9. P.W.7 Melsingh is a neighbour of P.W.5. He deposed that on that very night he heard the shouts and saw about 15 persons who came in a crowd and in that crowd he identified A-4 Gabubhai Hajibhai, A-6 Ayubkadar Malangbhai Dudhwala, armed with deadly weapons, A-9, Yakubbhai Babubhai Jumliwala, A-8 Isaq Abdulmajid Mansuri, A-5 Sabaskhan Nurkhan Pathan and A-7 Iqbal Husain Abdulmajid Mansuri. He saw them entering into the house of P.W.5 and he also saw them causing damage to the household articles. A little later police came and the crowd dispersed. Subsequently he was injured when he was near the petrol pump. He was cross examined and we do not find anything significant which affects his veracity. P.W.8 Mukesh is another witness who saw the accused in the crowd. He identified these appellants in the crowd and some of them were armed with deadly weapons. He further deposed that these accused entered into the house of P.W.5 and he saw the household articles being thrown away and he also noticed smoke coming from the house of P.W.5. Just then police came and the accused ran away. He came to know that Nishita and Komal died. He identified all the accused in the court also. He was also injured because of acid thrown on him during that rioting and he was treated by the Doctor and the medical evidence confirms the same. He also speaks about the presence of P.W.4. He was cross-examined with reference to his earlier statement but the so-called contradictions are not at all material. Then we have the evidence of P.W.9 Dilipbhai. He deposed that he resides in a house on the main road of Moti Chhipwad. On the day of occurrence he saw a mob of about 10 to 15 persons coming from Bhaiswada armed with deadly weapons and throwing acid bulbs. Among them he identified, A-5 Sabaskhan, A-8, Isaq, A-7 Iqbal, A-9 Yakub, A-6 Kadar and A-4 Gububhai. He stated that the crowd entered the house of P.W.5 and after 5 or 7 minutes he heard the shrieks of Nishitaben and meanwhile the police came and the crowd dispersed. Thereafter he went to the house of P.W.5 and in fort of his house he found P.Ws 4,5 and others. He came to know that they were also injured. In the cross-examination it is elicited that one incident took place in 1985 and it was a communal riot during which the garage of Kadarbhai was set on fire and in that case he was involved and later he was acquitted. The criticism against him is that he is an interested witness but as already discussed that by itself is not a ground to discard his evidence when he is a natural witness. The trial court which had the opportunity of watching the demeanour of these witnesses has considered their evidence in great detail and has accepted the evidence of P.Ws 7, 8 and 9 which fully corroborates the evidence of P.Ws 5 and 6.

13. learned Counsel for the appellants severely criticised the manner in which the investigation was carried on. We shall briefly refer to the evidence of the witnesses connected with the investigation part of the case and then refer to the various points of attack.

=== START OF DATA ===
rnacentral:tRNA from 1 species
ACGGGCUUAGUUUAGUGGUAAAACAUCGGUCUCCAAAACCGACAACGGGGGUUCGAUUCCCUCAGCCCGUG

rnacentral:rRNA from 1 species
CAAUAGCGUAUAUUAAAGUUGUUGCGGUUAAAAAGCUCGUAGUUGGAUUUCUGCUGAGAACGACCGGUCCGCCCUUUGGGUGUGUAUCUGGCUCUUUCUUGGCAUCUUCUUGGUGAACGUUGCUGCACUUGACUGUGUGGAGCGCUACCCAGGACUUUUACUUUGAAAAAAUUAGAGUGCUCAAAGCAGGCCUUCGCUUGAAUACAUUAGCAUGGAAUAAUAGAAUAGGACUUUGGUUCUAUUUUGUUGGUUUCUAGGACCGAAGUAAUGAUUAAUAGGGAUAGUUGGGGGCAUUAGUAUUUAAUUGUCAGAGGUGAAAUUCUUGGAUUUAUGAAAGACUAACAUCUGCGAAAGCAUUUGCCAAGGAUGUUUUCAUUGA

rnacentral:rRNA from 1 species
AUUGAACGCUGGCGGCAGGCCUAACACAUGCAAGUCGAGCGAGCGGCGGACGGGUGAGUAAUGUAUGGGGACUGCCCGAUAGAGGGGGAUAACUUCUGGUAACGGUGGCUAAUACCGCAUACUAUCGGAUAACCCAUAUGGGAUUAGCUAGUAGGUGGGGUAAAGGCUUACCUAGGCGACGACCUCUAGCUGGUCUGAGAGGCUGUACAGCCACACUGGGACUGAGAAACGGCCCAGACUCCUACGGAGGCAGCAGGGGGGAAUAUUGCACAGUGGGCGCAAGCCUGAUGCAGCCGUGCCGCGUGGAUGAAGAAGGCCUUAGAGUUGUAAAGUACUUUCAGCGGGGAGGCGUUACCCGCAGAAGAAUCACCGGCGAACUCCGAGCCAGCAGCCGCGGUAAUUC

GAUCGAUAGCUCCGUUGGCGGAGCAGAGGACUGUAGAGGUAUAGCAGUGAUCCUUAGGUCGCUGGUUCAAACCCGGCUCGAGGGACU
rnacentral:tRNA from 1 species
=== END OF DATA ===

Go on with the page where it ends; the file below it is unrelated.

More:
14. Circle Inspector Rameshbhai Baria, P.W.11 deposed that he was serving in Vadodara Circle as Inspector and he received a yadi from City Mamlatdar and prepared a map of the scene of occurrence and has deposed about the location of the houses in that area. Virendra Thakkar, P.W. 12 as a panch witness, alongwith Ashwinibhai another panch witness not examined, speaks about the panchnama prepared at the house of P.W.5 and at other houses. He also deposed about the articles that were seized including a tin and a steel pipe. Madansinh Rana, P.W.I5 is a Police. Inspector. He deposed that he was working as Police Inspector in D.C.B. Police Station, Vadodara and that on 6.4.90 communal riots spread in Baroda and he was patrolling with the staff. On 7.4.90 at about 8 P.M. he received a message from the Control Room asking him to reach Chhipwad area as early as possible. Accordingly he reached Chipward and found a crowd of Hindus and Muslims quarreling. He found one woman and child burnt alive lying in the house. He also saw three persons escaping and he chased them and caught hold of them. At that time Police Inspector Manilal Damor, P.W.19 and other police officers came there. The persons who were arrested were found to be from the Muslim community and he sent them to the police station. P.S.O. Shantaben P.W.I6 who was present in the Police Station made some entries in the record and registered the crime. On the same night P.S.I. Bhimjibhai Barai, P.W.20 recorded the complaint of P.W.4 and sent it to the Police Station for registering the crime. P.S.O. P.W.I6 made an entry and the investigation was handed over to Police Inspector Bhugukumar Pathak, P.W 22 at the instance of the Police Commissioner. P.S.I Narendrakumar Babulal Jam P.W. 17 held the inquest on the dead bodies of Nishita and Komal. P.W.19 also deposed about his going to the place of occurrence and about arresting of the three accused A-1 to A-3. P.W.20 P.S.I. Barai deposed that at about 10.30 P.M. P.S.O . Shantaben P.W. 16 gave a written information that communal riots started in Chhipwad area and that some persons were injured. He further deposed that at the hospital P.W.4 met him and lodged the complaint and after recording he sent the same to the Police Station for registration. Meanwhile Police Inspector Pathak, P.W.22 came there and took over the investigation and he handed over all the papers to him. P.W.22 deposed about the rest of the investigation. He deposed that as directed he went to the place of occurrence, inspected the house of P.W.5 and recovered a kerosene tin and a steel pipe under a panchnama. He recorded the statements of some of the witnesses in the locality and he continued the investigation. On 9.4.90 he recorded the statements of the witnesses Mukesh and others who had also received injuries by acid. He sent them to the hospital. On the same day he recorded the statements of witnesses Jesinghbhai, Melsingh, Dilip and others and on 12.4.90 he again went to the hospital and recorded the statements of P.Ws 5 and 6 etc. and also seized some articles.